Issue Date: July 7, 2008
Another Way To Form Atmospheric Chlorine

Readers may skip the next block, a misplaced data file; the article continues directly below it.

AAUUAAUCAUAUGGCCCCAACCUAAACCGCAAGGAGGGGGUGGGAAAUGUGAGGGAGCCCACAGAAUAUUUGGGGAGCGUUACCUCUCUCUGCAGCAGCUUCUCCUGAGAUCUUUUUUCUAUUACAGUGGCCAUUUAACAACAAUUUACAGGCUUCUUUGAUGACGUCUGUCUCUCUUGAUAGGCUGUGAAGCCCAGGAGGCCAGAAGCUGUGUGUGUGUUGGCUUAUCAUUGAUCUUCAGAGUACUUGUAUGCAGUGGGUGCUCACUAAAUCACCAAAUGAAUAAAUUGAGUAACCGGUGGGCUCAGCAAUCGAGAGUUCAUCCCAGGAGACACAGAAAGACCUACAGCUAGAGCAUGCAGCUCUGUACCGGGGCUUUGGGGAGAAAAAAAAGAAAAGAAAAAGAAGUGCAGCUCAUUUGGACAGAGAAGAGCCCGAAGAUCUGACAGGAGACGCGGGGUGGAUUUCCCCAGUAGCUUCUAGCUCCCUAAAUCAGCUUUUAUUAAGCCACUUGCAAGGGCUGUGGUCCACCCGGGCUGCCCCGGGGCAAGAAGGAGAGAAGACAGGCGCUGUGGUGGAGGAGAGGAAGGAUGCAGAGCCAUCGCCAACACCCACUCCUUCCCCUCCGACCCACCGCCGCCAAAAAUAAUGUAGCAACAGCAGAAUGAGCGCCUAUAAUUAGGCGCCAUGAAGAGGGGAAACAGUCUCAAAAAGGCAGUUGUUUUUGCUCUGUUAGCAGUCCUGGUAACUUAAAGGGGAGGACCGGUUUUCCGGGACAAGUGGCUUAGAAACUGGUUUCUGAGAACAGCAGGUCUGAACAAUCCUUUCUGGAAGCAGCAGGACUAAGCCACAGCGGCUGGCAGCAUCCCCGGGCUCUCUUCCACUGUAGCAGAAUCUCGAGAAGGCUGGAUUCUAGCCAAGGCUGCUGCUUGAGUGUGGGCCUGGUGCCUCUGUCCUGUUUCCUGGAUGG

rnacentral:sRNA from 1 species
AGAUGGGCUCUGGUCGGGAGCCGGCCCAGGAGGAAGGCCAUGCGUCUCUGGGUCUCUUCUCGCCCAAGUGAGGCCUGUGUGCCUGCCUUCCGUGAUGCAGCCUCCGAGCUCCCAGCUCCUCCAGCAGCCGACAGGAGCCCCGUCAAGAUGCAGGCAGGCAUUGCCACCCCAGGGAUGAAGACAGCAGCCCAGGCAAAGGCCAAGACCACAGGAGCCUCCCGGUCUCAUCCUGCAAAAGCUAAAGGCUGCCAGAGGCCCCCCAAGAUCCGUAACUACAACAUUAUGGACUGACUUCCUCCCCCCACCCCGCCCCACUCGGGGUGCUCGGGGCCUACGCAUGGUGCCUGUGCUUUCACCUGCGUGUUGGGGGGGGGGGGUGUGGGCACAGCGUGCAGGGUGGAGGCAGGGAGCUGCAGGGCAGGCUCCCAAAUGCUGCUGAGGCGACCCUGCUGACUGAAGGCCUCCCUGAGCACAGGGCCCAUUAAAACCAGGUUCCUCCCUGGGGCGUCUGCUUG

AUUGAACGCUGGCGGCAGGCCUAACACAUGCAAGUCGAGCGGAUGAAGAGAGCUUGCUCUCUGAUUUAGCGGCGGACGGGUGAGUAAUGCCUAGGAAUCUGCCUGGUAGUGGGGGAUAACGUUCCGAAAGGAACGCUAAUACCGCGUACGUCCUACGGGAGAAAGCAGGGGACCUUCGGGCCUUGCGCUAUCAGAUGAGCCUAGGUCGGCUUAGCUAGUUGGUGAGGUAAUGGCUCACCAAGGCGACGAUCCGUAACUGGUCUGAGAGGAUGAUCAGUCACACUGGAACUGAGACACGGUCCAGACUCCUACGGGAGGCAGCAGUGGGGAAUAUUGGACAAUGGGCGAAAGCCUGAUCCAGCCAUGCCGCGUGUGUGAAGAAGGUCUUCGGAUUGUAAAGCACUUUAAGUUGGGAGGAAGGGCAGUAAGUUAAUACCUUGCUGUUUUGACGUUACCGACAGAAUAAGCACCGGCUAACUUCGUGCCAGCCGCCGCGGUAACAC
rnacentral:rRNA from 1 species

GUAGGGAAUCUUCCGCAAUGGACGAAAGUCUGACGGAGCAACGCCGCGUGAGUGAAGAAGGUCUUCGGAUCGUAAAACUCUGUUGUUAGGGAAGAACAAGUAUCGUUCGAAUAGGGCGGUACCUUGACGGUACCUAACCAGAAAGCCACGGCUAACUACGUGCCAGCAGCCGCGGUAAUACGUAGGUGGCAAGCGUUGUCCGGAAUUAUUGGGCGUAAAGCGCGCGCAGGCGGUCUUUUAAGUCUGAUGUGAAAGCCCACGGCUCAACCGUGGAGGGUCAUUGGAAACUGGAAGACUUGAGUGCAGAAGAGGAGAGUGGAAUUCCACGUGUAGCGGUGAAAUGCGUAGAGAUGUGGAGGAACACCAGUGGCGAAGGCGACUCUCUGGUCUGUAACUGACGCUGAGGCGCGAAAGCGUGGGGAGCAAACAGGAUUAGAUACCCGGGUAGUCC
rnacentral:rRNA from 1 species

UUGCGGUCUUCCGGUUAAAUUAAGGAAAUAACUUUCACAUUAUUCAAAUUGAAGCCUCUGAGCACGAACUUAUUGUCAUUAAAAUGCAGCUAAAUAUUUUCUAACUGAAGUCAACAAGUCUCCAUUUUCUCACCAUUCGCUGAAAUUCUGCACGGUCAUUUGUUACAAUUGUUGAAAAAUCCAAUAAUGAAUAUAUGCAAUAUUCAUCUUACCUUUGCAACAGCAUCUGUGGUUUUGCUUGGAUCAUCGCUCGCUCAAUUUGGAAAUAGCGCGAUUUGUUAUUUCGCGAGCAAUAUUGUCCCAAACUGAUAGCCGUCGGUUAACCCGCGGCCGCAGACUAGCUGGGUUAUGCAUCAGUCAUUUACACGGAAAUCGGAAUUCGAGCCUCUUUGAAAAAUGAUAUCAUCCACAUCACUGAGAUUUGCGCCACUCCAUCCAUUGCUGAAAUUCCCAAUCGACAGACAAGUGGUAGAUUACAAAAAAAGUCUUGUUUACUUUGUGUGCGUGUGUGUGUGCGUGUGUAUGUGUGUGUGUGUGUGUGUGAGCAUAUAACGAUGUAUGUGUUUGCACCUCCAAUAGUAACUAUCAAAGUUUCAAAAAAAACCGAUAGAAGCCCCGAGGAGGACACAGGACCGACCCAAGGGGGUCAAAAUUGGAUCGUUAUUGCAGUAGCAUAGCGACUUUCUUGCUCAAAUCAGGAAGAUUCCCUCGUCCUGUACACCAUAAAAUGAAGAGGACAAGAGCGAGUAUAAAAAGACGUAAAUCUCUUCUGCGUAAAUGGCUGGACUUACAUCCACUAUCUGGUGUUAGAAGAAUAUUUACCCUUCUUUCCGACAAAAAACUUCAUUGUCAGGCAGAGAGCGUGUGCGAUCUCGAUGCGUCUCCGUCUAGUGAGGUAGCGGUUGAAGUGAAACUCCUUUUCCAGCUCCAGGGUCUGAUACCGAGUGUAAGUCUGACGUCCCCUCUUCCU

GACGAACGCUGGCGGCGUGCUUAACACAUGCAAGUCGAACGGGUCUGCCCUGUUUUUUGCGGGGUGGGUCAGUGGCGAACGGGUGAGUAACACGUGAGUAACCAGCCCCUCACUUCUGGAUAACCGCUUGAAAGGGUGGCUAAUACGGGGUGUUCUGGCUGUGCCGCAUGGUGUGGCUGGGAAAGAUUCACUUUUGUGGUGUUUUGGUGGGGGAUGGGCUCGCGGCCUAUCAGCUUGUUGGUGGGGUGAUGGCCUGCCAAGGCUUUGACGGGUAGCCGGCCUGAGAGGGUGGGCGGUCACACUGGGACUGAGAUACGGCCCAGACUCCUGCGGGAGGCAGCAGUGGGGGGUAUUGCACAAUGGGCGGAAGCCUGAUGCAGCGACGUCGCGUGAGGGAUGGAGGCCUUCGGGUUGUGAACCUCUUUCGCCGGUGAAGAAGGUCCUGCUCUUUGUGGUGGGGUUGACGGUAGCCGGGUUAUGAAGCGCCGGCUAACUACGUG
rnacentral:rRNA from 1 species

National Oceanic & Atmospheric Administration scientists report a new mechanism for the formation of molecular chlorine in the atmosphere: N2O5 can oxidize Cl– to Cl2 on acidic aerosols, the researchers say (Science, DOI: 10.1126/science.1158777). Molecular chlorine is a highly reactive species that affects atmospheric aerosol formation, ozone abundance, and the fate of trace gases such as mercury. Various mechanisms have been proposed to describe the conversion of Cl– to Cl2 in the atmosphere over the oceans. Researchers know that N2O5, which forms at night, interacts with sea salt to form nitryl chloride (ClNO2). They also know that the hydrated surfaces of some aerosols behave more like concentrated solutions than solids. Using mass spectrometry in the lab, James M. Roberts and colleagues tested the reactivity of N2O5 with oxalic acid and ammonium sulfate aerosols that contained various halide ions. They also observed that at low atmospheric pH and low Cl??? concentrations, both N2O5 and ClNO2 efficiently produced Cl2 in an oxalic acid/sodium chloride solution. The researchers note that understanding the implications of this chemistry in the troposphere and stratosphere will require further study.
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